Central Bank of Ghana

The Central Bank of Ghana said inclusion would be a significant element of its forthcoming digital currency, known as the eCedi and is planning to offer the money to people who do not have to have a bank account or even access to the internet.

In a paper on a design that was released this week, the institution recommended the usage of hardware wallets and other devices that can be used with the eCedi.

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Ghana’s central bank laid out the significant aspects of its plans to develop a token-based, retail central digital currency for banks (CBDC). According to the bank, the introduction of digital payments is expected to aid in formalizing the African economy. In this way, it can make the use of eCedi as easy as is possible.

Ghana Central Bank is looking at hardware wallets and smart cards:

The central bank suggested the issue of devices for wallets offline or smart cards to enable people who are not banked into the eCedi system. According to statistics from Statista, approximately 43 per cent of Ghana’s population has no access to an account at a bank.

Plans for an offline-only wallet consider the offline capabilities, which are specifically designed for rural areas with only a limited internet connection. According to a study conducted in 2019 conducted by the World Bank, 53% of Ghanaians were connected to the internet.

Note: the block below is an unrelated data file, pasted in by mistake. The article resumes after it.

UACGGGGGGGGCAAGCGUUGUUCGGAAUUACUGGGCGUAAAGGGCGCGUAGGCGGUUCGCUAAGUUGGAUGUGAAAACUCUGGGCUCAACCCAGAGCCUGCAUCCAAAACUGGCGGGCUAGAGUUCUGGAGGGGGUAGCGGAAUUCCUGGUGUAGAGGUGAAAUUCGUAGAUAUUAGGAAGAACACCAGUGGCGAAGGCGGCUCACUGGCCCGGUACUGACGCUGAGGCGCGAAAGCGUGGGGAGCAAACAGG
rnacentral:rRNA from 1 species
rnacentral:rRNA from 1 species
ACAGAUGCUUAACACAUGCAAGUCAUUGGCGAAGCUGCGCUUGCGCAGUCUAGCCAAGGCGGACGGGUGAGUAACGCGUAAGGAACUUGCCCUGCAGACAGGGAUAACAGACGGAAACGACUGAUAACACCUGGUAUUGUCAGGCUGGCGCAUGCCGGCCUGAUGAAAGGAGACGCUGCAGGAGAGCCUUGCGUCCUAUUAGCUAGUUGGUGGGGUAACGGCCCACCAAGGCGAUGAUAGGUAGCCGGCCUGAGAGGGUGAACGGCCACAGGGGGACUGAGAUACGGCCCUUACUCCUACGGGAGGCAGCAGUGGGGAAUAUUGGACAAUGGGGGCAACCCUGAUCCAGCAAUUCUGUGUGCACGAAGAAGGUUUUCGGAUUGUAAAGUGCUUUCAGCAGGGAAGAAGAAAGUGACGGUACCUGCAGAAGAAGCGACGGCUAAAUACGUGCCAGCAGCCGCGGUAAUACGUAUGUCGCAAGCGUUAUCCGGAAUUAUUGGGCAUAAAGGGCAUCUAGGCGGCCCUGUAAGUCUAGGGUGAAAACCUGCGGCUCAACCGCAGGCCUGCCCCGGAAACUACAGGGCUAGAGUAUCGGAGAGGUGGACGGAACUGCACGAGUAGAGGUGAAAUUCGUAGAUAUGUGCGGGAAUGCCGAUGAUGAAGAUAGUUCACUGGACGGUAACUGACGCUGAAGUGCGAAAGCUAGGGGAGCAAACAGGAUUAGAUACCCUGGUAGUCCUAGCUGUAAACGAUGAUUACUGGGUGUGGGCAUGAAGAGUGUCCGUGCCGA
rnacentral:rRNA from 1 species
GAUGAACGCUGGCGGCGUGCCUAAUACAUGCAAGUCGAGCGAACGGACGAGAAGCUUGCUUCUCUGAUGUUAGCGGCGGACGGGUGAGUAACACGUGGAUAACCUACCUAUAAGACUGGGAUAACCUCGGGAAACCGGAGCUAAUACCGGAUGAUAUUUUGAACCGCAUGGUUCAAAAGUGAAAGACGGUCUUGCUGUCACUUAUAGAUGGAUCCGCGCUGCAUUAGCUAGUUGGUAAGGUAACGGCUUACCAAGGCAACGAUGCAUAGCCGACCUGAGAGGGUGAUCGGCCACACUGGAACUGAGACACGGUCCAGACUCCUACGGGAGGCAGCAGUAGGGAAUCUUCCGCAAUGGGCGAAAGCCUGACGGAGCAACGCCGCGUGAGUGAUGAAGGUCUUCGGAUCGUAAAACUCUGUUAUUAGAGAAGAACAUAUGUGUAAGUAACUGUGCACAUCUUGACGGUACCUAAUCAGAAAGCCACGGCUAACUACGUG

The central bank has proposed using offline wallet devices, including smart cards, intelligent wallets and even smart wristbands that allow offline transactions between peer-to-peer.

The bank, however, did not provide a plan for the method of achieving this.

The bank stated that an iPhone with a banking application would best utilize the eCedi. Card-based and mobile payments are the most commonly used ways of making transactions in the country.

And the eCedi is a perfect complement to existing payment systems that are digital. As per the Central Bank, the value of mobile money transactions has increased by 82% from the years 2019 and 2020.

The move comes amid the growing interest in CBDCs.

Ghana had announced its plans to launch the electronic currency by 2021 as it aimed at the digitalization of its economy to boost growth and cut down on corruption. German payments company Giesecke+Devrient developed this system.

This move is also due to the improvement in development in the most prominent African gold-producing country.

Several developed and emerging economies have announced plans to explore CBDCs due to their potential application for international and local transactions. As per the Atlantic Council, more than ten other African nations are also studying CBDCs that are developing.

The United States recently said it was considering launching an electronic dollar following China’s digital currency earlier in the year.

Source: Google News Trend

By Vil Joe

A writer and editor based out of San Francisco, Vil has worked for The Wirecutter, PCWorld, MaximumPC and TechHive. Her work has also appeared on InfoWorld, MacWorld, Details, Apartment Therapy and Broke-Ass Stuart. In her spare time, she takes too many pictures of her cats, watches too much CSI and obsesses over her bullet journal.

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